IBM Bolsters Multi-Site Disaster Recovery In DS8870 Arrays
October 27, 2014 Alex Woodie
Organizations will be able to implement more complex data replication and protection schemes thanks to the new Multiple Target Peer-to-Peer Remote Copy (MT-PPRC) capabilities that IBM will be making available in DS8870 storage arrays. The capability to mirror data from a production environment to two target systems with MT-PPRC will give customers more flexibility in how they prepare for, and respond to, disasters. The company also bolstered its FlashCopy mechanism, and made various other enhancements to the DS8870s.
PPRC is one of the core underlying technologies that IBM exposes through DS8000 Copy Services. The technology is used in three primary ways, including as a synchronous data replication protocol for connecting pairs of DS8000s using the short-distance Metro Mirror service; as an asynchronous data replication protocol for long-distance pairs using the Global Mirror service; and as a long-distance, nonsynchronous data copying protocol for the Global Copy service. These services are sold by IBM with the PowerHA Enterprise Edition product.
Until now, one of the limitations of PPRC was that it could only replicate data from a primary DS8000 array to a secondary DS8000 array. If an organization wanted to replicate the same transactions to more than one backup site, it didn’t have great options. Granted, IBM did offer a three-site Metro/Global Mirror setup, where the target in a Metro Mirror pair is used as the source for a second Global Mirror pair, but it brought its own set of limitations.
IBM addressed this fundamental limitation with MT-PPRC, which allows an organization to mirror a production DS8870 volume simultaneously to two volumes on target DS8870s. According to IBM, MT-PPRC gives users more flexibility than the old three-site Metro/Global Mirror setup.
Here are the following supported implementations for MT-PPRC. An organization can replicate data from a primary DS8870s to:
MT-PPRC opens up the possibility of having multiple relationships of Metro Mirror, Global Copy, and Global Mirror. Customers can set their DS8870 Copy Services and PowerHA environments in a number of different ways now. What’s more, MT-PPRC will also support an “incremental resynchronization” capability between the two target volumes in both planned and unplanned HyperSwap situations. HyperSwap, you will recall, is a new high-end business continuity solution that is based on PPRC and allows a DS8000 customer to move and restart an LPAR on a different IBM SAN array almost instantaneously.
In this initial release of MT-PPRC, one cannot replicate from one DS8870 production system to two Global Mirror environments. While IBM didn’t make a statement of direction with its announcement, you can guess that it will be working on enabling that setup. It would also be a reasonable assumption IBM will be supporting MT-PPRC in other storage arrays in the future, not just the DS8870. As always, the most expensive high-end gear gets the newest technology, with the aim of helping IBM’s biggest clients first, but midrange customers (perhaps those running Storwize or SVC gear) may eventually see benefits too.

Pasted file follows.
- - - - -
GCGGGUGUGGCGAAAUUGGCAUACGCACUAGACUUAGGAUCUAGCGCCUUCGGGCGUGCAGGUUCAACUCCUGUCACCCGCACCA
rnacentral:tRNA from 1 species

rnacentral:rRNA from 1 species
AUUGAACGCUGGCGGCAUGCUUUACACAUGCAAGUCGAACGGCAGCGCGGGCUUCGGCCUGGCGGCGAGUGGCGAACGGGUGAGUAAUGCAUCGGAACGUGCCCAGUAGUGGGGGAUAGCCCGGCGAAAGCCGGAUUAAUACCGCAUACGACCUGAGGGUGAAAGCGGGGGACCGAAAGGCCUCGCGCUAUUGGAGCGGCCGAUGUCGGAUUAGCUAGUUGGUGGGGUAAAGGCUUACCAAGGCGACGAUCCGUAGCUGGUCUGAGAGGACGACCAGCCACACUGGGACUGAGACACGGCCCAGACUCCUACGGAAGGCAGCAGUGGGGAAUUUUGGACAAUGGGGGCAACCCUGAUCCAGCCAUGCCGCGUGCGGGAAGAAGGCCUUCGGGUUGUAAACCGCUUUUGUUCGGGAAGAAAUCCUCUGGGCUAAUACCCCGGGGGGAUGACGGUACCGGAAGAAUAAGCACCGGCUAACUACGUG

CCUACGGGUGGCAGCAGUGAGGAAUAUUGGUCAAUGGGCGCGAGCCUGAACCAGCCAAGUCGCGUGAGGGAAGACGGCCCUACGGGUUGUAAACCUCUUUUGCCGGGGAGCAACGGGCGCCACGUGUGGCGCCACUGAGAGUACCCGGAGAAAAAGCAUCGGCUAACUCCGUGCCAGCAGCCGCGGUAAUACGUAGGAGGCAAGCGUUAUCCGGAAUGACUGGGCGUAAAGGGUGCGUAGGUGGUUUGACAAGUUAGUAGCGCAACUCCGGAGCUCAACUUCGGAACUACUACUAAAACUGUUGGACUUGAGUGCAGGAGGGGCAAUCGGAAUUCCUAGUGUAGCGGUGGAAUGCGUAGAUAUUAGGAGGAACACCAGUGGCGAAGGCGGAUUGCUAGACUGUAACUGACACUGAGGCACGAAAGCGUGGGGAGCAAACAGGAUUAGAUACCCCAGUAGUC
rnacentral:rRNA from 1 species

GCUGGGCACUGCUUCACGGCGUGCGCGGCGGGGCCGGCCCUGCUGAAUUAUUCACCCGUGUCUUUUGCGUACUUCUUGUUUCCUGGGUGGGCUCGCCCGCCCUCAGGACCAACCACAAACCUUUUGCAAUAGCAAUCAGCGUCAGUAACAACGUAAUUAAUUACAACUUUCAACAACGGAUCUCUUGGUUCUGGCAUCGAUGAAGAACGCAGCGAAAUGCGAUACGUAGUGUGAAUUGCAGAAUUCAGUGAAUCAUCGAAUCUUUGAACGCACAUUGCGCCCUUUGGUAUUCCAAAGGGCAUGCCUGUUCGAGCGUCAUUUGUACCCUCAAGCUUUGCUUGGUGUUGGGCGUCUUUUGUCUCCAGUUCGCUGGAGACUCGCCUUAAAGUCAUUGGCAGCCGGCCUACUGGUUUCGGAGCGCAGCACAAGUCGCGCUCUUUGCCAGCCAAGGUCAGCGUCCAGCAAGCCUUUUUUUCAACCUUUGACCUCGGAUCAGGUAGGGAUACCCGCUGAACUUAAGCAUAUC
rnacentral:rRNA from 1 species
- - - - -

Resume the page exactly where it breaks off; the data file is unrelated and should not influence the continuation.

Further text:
MT-PPRC doesn’t come cheaply. According to IBM’s published price list, it will cost a cool $100,000 for DS8870 machine types 2396, 2397, 2398, and 2399.
IBM also announced an enhancement to FlashCopy, another DS8000 Copy Services functionality that enables users to very quickly create point-in-time snapshots of their data. The new Multiple Increment FlashCopy will allows up to 12 incremental copies to be made from a single source. IBM says this will provide boost data protection from the physical or logical failures.
IBM is making several other improvements to the DS8870 firmware, including the new zHyperWrite technology, which accelerates DB2 log writes when using IBM Geographically Dispersed Parallel Sysplex (GDPS) technology in z/OS environments; new “easy tier” functionality; microcode enhancements that deliver up to a 35 percent boost in IOPS in Power7+ environments; the capability to use the High-Performance Flash Enclosure (HPFE) as the first expansion frame, not just the base frame; new 600 GB 15K rpm SAS and 1.6 TB 2.5-inch SSD encryption drives (not available until March 2015); system configuration and monitoring enhancements; and improved support for OpenStack environments.
IBM officially announced MT-PPRC on October 6. The capability starts to become available in December.